MASH: A Novel About Three Army Doctors by Richard Hooker
You think you know MASH from the film and the movie? Join me in a chorus of ‘the book is better’. Read it for the tone. Richard Hooker has created a style that allows his world to be both hilarious and haunted – the characters are raising hell, but also repairing the sad ravages of it.
My review is here.
Over to you. What books (fiction or non-fiction) have you recently read that challenge you to do better?
Andrew Sean Greer, Angel by Elizabeth Taylor, book reviews, Daniel Wallace, Elizabeth Jane Howard, Elizabeth Taylor, Fay Weldon, Hilary Mantel, learning from good authors, learning from reading, Life and Loves of a She Devil, MASH, MASH movie, MASH TV show, MASH: A Novel About Three Army Doctors, Nevil Shute, Night Work, Peter Ustinov, Ray in Reverse, reading like a writer, Richard Hooker, Round The Bend, story structure, The Banbury Nose, the book is better, The Confessions of Max Tivoli, The Long View, Thomas Glavinic, writing style
Many years ago, my writer friend Cathryn Atkinson told me she found inspiration for characters by reading obituaries, especially those in the Daily Telegraph. By gum she was right, and I was soon curating my own file of the fascinating dead. I called it my morgue, of course.
Reading obits is still a habit, and not just to discover queer folk. I’m inspired by the way obit writers tackle certain problems we also have in novels.
Although famous people obviously get obits, so do obscure achievers.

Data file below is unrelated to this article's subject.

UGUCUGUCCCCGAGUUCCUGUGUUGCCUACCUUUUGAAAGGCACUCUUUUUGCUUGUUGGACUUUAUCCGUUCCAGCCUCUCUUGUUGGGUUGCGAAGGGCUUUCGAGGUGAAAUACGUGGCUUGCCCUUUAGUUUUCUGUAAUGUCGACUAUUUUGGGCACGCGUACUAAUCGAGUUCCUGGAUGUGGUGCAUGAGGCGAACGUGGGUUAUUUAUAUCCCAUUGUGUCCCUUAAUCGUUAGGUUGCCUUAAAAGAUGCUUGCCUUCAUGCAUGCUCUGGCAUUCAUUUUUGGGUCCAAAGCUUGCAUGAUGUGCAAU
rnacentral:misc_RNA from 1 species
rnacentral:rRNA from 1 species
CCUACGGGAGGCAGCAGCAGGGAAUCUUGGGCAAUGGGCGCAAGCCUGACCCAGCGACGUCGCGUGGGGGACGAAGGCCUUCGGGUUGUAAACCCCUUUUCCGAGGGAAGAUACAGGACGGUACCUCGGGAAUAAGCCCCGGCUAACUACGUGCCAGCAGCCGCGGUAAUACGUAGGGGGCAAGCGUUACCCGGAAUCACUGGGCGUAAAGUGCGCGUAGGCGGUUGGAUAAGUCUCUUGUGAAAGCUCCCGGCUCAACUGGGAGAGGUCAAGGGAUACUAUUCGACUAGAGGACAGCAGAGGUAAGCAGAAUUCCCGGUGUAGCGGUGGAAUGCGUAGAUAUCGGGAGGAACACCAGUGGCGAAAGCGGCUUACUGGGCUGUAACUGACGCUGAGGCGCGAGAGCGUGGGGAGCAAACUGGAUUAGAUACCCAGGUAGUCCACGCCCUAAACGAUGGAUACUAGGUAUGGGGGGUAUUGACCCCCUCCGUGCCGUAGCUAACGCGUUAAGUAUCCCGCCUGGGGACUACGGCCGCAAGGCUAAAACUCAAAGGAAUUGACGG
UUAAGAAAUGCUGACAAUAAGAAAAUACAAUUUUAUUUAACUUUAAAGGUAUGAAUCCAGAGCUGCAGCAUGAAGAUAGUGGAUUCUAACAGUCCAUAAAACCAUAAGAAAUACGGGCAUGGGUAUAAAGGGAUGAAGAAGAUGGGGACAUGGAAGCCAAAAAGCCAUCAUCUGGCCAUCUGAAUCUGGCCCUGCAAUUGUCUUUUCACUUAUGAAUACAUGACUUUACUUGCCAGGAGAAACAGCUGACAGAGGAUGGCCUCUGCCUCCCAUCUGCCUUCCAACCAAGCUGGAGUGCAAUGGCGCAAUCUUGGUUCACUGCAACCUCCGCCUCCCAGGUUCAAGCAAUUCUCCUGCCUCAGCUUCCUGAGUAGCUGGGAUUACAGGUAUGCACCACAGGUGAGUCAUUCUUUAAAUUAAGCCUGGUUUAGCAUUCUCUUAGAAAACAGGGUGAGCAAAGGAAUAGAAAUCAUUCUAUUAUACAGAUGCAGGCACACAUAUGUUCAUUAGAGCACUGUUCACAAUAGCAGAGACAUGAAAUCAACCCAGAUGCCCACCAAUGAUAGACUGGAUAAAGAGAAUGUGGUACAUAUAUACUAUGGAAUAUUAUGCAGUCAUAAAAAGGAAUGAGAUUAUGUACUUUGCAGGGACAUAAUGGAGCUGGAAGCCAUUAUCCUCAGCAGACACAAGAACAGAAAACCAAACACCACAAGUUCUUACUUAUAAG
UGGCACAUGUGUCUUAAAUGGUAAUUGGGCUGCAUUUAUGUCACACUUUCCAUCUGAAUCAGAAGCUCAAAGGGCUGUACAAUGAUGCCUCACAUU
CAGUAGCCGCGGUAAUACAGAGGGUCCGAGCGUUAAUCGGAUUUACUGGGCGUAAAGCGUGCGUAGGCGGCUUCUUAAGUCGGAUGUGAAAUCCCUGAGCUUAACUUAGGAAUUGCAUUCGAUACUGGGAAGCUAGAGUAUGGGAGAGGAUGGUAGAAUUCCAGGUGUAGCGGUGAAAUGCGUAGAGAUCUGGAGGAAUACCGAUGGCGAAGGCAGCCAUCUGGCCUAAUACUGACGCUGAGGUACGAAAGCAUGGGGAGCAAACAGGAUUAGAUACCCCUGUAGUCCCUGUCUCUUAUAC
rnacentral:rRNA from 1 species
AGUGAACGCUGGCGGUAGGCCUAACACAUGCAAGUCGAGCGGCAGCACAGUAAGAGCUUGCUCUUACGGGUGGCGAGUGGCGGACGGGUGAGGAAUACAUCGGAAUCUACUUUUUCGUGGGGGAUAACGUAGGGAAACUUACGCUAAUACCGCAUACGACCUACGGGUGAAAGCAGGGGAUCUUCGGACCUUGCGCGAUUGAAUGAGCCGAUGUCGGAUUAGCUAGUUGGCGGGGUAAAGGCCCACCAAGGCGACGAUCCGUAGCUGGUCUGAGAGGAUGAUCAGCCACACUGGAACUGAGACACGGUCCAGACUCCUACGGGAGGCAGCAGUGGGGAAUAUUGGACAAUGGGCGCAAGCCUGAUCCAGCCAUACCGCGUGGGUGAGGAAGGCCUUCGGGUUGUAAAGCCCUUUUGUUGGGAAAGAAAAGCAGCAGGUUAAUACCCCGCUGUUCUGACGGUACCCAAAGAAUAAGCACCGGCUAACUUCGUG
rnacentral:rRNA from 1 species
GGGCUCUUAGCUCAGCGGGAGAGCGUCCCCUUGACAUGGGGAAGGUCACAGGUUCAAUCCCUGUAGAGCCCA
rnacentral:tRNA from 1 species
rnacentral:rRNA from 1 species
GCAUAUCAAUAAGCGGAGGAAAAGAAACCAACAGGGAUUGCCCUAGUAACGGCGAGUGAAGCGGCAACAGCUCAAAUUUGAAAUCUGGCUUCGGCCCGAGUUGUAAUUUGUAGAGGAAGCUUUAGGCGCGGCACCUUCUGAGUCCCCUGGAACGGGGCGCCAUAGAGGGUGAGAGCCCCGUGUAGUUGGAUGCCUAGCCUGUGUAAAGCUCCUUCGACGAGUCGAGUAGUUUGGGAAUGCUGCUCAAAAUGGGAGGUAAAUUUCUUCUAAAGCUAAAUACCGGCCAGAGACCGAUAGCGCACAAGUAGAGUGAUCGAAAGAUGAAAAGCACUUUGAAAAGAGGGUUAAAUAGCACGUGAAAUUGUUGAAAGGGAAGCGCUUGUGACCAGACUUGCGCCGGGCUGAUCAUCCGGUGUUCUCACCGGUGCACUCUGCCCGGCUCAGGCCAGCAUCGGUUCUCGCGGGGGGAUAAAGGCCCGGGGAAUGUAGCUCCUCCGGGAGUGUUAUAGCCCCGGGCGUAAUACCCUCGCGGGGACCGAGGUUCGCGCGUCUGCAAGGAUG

For the writer, it’s easy to describe a person who is already well known; you just tick their recognisable characteristics. For Elizabeth Taylor, reference the violet eyes, voluptuous proportions and bawdy persona – and that’s enough to summon their physical presence.
But the obit writer often has to describe a person the reader hasn’t seen before. Which is also what the novelist does.
Crucially, they don’t rely on visual descriptions. Blue eyes and a crooked front tooth don’t mean much if the reader doesn’t already have a mental picture. So the obituarist adds another dimension – the sense of what it’s like to be in a room with the subject. One of the earliest entrants to my morgue file was an eminent female chemist who always had a worried expression, as though she feared a catastrophe was happening in the next room. I’ve long forgotten her name or what she was responsible for (alas), but I still know what it would be like to spend time with her. Another unforgettable was the religious leader who had the disconcerting habit of closing his eyes while he spoke.
The obit’s subjects may not always be nice or heroic.
Take The Economist’s obituary of UK reality TV star Jade Goody. She was infamous for squalid incidents, astonishing ignorance and racist remarks. She was also a shameless publicity hound. The obit didn’t whitewash any of this, but their unsparing portrait also uncovered her battles, hardships, goals and happinesses. The result gives her remarkable dignity.
This is so interesting for novelists. Even if we’re writing nasty characters, they become more potent if we approach them with respect and curiosity.
Back story and context
Obits generally follow a formula. First they hook your interest – tell you why the character is significant, conjure up a conundrum that gets you curious. Then there will be defining incidents from their prime. Details about childhood don’t come until late in the piece. After we have read about the achievements or ignominies, we are shown how the person started with similar stuff to ourselves – parents, a local library or sports ground, school teachers. There they are, just like we were, unaware of their destiny.
It might be peculiar to follow that backwards chronology in most novels, of course, but it’s a reminder that back story works because of context. Deployed in the wrong place, back story will be boring. In the right place, it can be humanising and even powerful.
Are there any non-fictional places you go for inspiration, such as obituaries? Why do you like them? Share in the comments